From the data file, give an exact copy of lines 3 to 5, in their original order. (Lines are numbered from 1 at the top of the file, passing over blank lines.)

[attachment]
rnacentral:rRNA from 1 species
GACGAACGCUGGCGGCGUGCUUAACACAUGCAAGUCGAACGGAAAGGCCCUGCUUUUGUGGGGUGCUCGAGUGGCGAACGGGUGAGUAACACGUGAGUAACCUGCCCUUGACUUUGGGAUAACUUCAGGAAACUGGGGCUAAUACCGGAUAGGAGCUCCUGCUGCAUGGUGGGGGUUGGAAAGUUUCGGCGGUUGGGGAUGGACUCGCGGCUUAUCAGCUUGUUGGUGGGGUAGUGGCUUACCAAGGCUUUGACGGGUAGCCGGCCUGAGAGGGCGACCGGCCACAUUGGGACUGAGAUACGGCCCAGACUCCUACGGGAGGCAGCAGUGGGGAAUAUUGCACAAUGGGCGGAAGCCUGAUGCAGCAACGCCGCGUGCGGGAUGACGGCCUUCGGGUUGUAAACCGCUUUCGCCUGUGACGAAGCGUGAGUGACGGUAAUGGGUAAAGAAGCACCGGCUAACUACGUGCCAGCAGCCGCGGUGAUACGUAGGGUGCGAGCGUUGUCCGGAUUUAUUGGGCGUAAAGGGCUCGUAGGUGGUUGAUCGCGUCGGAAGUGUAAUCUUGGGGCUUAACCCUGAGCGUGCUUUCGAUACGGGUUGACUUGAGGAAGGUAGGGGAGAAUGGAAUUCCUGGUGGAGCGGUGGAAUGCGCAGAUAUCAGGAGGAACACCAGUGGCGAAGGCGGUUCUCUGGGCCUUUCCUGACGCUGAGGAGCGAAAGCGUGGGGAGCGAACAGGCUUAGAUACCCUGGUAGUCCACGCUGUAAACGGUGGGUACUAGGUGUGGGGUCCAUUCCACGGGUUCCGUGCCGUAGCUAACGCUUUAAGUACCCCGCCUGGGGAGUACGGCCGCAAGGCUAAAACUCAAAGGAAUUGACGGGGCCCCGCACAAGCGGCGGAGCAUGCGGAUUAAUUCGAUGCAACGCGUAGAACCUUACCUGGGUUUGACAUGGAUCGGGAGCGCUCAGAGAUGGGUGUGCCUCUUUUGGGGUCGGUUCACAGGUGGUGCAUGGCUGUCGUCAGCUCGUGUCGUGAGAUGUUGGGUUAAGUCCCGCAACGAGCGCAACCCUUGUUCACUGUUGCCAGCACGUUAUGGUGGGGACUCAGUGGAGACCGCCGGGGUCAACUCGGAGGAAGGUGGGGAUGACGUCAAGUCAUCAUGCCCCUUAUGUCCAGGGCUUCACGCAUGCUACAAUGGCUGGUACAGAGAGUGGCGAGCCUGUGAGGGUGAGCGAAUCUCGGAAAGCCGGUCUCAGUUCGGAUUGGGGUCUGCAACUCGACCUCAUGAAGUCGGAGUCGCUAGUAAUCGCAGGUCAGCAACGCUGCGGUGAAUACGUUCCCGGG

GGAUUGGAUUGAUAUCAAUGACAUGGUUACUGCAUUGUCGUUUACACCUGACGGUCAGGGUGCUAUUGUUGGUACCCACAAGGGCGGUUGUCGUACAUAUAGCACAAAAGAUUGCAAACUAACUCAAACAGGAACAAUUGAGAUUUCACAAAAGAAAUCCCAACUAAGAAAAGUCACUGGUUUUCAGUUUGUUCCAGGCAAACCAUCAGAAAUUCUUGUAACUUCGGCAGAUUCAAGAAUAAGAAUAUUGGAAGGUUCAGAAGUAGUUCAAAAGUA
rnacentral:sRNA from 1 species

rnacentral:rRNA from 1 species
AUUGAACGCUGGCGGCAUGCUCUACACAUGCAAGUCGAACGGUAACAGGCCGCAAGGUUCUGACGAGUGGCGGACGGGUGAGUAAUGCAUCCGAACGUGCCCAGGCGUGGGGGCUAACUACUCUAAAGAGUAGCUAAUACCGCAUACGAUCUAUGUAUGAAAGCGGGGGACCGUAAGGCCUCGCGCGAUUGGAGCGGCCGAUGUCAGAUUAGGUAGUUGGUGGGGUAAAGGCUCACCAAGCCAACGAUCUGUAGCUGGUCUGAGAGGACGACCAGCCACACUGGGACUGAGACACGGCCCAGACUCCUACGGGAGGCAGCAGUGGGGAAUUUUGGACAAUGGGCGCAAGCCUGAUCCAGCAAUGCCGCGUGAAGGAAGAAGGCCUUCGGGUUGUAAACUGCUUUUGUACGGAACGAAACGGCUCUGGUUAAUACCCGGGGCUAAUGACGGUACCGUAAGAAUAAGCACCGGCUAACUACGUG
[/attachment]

GGAUUGGAUUGAUAUCAAUGACAUGGUUACUGCAUUGUCGUUUACACCUGACGGUCAGGGUGCUAUUGUUGGUACCCACAAGGGCGGUUGUCGUACAUAUAGCACAAAAGAUUGCAAACUAACUCAAACAGGAACAAUUGAGAUUUCACAAAAGAAAUCCCAACUAAGAAAAGUCACUGGUUUUCAGUUUGUUCCAGGCAAACCAUCAGAAAUUCUUGUAACUUCGGCAGAUUCAAGAAUAAGAAUAUUGGAAGGUUCAGAAGUAGUUCAAAAGUA
rnacentral:sRNA from 1 species

rnacentral:rRNA from 1 species